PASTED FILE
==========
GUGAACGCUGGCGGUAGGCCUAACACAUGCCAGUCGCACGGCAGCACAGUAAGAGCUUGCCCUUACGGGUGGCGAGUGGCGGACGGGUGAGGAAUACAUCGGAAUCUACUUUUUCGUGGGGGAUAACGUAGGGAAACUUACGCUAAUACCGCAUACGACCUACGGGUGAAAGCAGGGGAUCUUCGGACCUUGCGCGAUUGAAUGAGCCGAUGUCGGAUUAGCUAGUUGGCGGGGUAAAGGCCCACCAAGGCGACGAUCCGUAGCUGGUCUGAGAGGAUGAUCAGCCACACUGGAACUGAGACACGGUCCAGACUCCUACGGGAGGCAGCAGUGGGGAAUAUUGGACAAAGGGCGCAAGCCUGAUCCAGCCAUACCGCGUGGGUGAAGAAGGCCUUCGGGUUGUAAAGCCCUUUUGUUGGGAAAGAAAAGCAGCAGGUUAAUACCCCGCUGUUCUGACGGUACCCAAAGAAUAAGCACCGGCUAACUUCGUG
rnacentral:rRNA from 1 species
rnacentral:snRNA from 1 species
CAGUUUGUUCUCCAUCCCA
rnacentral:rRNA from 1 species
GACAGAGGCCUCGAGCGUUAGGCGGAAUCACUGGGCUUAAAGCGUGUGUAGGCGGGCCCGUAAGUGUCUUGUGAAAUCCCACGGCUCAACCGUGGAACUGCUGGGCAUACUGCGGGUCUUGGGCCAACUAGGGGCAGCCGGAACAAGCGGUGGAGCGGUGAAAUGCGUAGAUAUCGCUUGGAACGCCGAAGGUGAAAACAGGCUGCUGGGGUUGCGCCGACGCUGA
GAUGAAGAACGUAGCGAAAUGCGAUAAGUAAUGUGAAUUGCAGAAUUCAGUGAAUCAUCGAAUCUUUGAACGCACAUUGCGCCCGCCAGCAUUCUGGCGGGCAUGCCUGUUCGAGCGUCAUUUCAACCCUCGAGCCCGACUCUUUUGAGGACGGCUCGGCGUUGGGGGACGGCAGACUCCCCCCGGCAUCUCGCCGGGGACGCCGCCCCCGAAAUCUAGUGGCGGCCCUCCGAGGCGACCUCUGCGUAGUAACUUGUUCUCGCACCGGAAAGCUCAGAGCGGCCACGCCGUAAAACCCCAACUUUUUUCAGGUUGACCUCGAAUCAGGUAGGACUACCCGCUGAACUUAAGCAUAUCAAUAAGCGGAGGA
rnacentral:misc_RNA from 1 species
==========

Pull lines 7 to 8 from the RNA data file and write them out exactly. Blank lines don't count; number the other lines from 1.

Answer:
GAUGAAGAACGUAGCGAAAUGCGAUAAGUAAUGUGAAUUGCAGAAUUCAGUGAAUCAUCGAAUCUUUGAACGCACAUUGCGCCCGCCAGCAUUCUGGCGGGCAUGCCUGUUCGAGCGUCAUUUCAACCCUCGAGCCCGACUCUUUUGAGGACGGCUCGGCGUUGGGGGACGGCAGACUCCCCCCGGCAUCUCGCCGGGGACGCCGCCCCCGAAAUCUAGUGGCGGCCCUCCGAGGCGACCUCUGCGUAGUAACUUGUUCUCGCACCGGAAAGCUCAGAGCGGCCACGCCGUAAAACCCCAACUUUUUUCAGGUUGACCUCGAAUCAGGUAGGACUACCCGCUGAACUUAAGCAUAUCAAUAAGCGGAGGA
rnacentral:misc_RNA from 1 species